'A serial is a brand. When it's doing well, make all the efforts to prolong that success' Shyamsunder - Yantra Media head

 His name is synonymous with 'soap operas' in the Malayalam southern regional language space. Shyamsunder is the man who heads one of South India's topnotch production houses Yantra Media Private Limited. Shyamsunder, who introduced the soap genre to Malayalam audiences with the highly successful show Sthree on Asianet, is now a household-name across television homes in South India. Having worked in all the South Indian languages, Shyam is now looking to get into the Hindi space with an interactive thriller.

During a hectic schedule in Mumbai recently, this media-shy creative whiz spoke to indiantelevision.com's Bijoy A K. Excerpts:

Tell us about the launch of Yantra.

I started my career acting in films at the age of 24. I launched Yantra Software while I was producing my first venture on television, a Kannada weekly serial Bisilu Kudure (The Mirage) for DD Kannada.

My maiden venture for satellite television was for Asianet in '93 - a weekly serial Adheham Alla Idheham. After our highly successful Asianet show Sthree, Yantra Software was re-launched as Yantra Media Private Limited.

What makes Yantra tick?

We are a trendsetter down South. We always try to be ahead of our competitors creatively, visually, content-wise and production-wise.

"Quality-wise, Southern shows are at par with Hindi shows. Here, you are able to cut the cost and still deliver your best"

Which are the new projects coming up?

We are planning an interactive thriller in Hindi which would mark Yantra's foray in this space. It will be a weekend show which we hope to launch in February. We haven't finalized on the channels, but we will be announcing details shortly. The production will be based in Mumbai and we will start our work in a month's time.

In Malayalam, we have two shows in mind: One a regular drama-based serial based on a published work. The show will be launched after three months. The second one is a comedy programme, a political satire.

In Tamil, we are launching a mythological serial on Lord Subramanya titled Murugan Arul for Sun TV. In Kannada for Udaya TV, we will be launching a daily soap in two months. In Telugu, we are launching a crime-based show Crime File.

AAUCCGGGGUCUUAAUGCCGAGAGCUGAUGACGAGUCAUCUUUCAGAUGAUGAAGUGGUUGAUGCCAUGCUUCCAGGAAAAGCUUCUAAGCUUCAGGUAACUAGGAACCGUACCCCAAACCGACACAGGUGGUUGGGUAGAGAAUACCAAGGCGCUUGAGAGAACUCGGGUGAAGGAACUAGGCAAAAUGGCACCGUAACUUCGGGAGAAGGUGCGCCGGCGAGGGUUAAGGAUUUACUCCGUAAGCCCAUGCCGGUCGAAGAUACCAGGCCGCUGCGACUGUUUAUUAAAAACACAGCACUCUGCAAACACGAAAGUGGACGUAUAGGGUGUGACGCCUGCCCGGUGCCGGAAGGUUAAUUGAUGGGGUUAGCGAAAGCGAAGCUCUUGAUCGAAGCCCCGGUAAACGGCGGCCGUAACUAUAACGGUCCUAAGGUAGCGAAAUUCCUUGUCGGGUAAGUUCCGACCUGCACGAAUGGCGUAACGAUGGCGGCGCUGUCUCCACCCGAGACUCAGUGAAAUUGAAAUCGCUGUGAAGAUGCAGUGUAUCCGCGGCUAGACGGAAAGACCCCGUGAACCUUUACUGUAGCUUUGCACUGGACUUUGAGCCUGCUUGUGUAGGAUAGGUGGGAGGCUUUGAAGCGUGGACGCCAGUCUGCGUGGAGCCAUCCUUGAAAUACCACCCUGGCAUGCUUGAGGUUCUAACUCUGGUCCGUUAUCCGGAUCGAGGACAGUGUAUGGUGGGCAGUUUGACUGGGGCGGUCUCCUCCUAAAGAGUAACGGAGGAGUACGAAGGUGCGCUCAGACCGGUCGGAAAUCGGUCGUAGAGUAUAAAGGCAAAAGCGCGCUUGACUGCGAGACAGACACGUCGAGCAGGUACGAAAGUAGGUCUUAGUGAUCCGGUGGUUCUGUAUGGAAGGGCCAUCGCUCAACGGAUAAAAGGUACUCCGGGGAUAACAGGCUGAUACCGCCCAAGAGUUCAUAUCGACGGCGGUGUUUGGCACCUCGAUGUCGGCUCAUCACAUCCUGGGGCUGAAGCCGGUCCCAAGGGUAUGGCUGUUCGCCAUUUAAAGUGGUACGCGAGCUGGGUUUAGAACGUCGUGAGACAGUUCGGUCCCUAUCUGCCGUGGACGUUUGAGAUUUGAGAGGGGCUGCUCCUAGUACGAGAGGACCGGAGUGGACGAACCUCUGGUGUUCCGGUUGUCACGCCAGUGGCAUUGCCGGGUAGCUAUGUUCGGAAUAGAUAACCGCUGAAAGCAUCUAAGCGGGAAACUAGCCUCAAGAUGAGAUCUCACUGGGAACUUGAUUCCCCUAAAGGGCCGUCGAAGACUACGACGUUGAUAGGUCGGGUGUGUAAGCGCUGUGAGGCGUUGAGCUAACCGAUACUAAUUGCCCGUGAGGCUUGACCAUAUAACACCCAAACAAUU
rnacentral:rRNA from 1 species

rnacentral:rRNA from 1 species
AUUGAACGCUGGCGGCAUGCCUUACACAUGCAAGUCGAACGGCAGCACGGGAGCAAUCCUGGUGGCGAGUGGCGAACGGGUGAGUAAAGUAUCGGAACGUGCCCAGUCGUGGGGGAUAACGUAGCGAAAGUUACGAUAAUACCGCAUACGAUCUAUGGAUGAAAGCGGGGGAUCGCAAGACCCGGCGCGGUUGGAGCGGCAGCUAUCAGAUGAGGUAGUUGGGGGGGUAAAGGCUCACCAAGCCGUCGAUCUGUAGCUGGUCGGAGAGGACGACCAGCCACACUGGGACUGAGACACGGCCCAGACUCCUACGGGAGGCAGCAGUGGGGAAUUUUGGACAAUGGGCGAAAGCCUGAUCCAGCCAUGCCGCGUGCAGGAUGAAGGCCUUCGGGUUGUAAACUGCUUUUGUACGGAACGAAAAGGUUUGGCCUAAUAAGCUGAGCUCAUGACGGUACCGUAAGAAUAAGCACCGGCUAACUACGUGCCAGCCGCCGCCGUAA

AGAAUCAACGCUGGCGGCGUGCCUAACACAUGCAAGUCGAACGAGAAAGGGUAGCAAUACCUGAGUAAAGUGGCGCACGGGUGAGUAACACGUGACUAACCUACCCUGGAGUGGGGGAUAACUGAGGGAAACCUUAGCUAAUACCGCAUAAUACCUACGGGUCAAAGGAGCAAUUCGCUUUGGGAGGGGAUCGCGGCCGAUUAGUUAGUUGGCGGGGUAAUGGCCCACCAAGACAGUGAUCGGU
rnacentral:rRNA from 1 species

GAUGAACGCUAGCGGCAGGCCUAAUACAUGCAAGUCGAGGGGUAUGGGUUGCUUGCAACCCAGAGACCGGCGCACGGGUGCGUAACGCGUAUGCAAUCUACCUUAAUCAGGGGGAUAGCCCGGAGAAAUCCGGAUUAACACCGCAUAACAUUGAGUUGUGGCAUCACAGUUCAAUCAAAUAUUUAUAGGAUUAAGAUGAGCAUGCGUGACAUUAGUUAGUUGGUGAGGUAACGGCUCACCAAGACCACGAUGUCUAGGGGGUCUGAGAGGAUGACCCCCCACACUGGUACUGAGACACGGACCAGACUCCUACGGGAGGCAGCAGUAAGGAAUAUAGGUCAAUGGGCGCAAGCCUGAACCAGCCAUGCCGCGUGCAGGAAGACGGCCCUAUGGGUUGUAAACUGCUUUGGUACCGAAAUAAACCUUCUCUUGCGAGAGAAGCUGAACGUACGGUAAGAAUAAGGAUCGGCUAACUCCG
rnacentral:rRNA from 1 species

In Telugu, for Gemini's soon-to-be-launched 24-hour music channel Aditya, we will be doing a couple of shows. One will be a youth-based sitcom while the other one will be a political satire show.

How tough is juggling with all the four South Indian languages like this?

I have to be on my toes. I have to speak all the South Indian languages [laughs].

How do you rate South Indian channels compared to Hindi channels?

Taking into account the kind of returns one gets from South Indian channels, they are better managed. Here, the shows are made on a fraction of the budgets while in Hindi it is not the case. But quality-wise, Southern shows are on par with Hindi shows. Here, you are able to cut the cost and still deliver your best.

Which is your favourite South Indian channel in terms of creative resources?

The Sun Network, which holds 70 per cent of the revenue share. They dominate because of good quality programmes. The management is 100 per cent professional and that makes the difference.

Why did you move out of Asianet and Vijay TV and join Sun?

Sun has an extensive network which covers the whole South India. When I do shows for Asianet, I can't work for any other network. That is a clause in the deals made here. So I left Asianet to join a wider network as it offered more opportunities. Apart from its reach, the management is also very professional. Then comes the brand factor. When you do a show for the Sun Network, that programme becomes a brand altogether. That is what we are looking at.

"Churning out comedy on a daily basis is tough. The team has to be innovative. Once they get into the pulse of the viewer, it becomes easier"

How crucial is the crime genre on television?

The genre re-creates crime in front of you. Here you get an opportunity to see things which otherwise you wouldn't believe. It manipulates the human interest factor to the core. The crime genre is very popular in Kannada. Udaya and ETV are having very popular crime shows on air. That is what inspired me to launch crime shows in Tamil and Malayalam.

What is your opinion on remakes and dubbed shows?

Personally, I prefer not to dub shows. I prefer to do shows from that respective region and in that regional language. Remakes will do as it is taking success to another language. It is a formula that works.

Is your Malayalam comedy show Ettu Sundarikalum Njanum [ESN] going to be taken off? Creatively, the show seems to have lost its initial glory.